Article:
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Early interleukin-4: its role in the switch towards a Th2 response and IgE-mediated allergy.
Haas H; Falcone FH; Holland MJ; Schramm G; Haisch K; Gibbs BF; Bufe A;
October 30, 1999
Int Arch Allergy Immunol. 1999 Jun;119(2):86-94. Unique Identifier :

The etiology of IgE-mediated allergies is complex and, thus far, not completely understood. A common feature, however, is the overproduction of IgE-inducing cytokines, e.g. interleukin-4(IL-4), compared to IgE-antagonistic cytokines, such as interferon-gamma or IL-12. IgE-inducing cytokines are produced by T helper type 2 (Th2) cells. The differentiation of naive T cells towards the Th2 phenotype seems to be crucially dependent upon the particular cytokines present in the early stages of an immune response. Concerning the factors driving Th2 differentiation, the so-called 'early IL-4' seems to play an important role, although there is some controversy over the degree of its requirement and its cellular source. We have recently demonstrated that basophils might be such a source, since they rapidly release IL-4 upon antigen-specific or nonantigen-specific stimuli, such as certain lectins. This makes lectins interesting candidates for inducing a Th2 response and IgE-mediated allergy in unsensitized individuals.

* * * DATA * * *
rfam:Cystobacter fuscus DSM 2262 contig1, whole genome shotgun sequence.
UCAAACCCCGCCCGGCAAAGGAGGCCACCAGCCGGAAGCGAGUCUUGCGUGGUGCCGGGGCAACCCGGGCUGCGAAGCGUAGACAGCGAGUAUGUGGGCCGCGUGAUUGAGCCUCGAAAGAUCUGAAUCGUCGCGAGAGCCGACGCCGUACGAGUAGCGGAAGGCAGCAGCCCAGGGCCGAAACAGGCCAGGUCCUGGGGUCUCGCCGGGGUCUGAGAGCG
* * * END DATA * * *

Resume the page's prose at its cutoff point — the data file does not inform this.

JOURNAL ARTICLE REVIEW REVIEW, TUTORIAL Human Hypersensitivity, Immediate/IMMUNOLOGY IgE/BIOSYNTHESIS/PHARMACOLOGY *Interleukin-4/PHYSIOLOGY Th2 Cells/PHYSIOLOGY Time Factors

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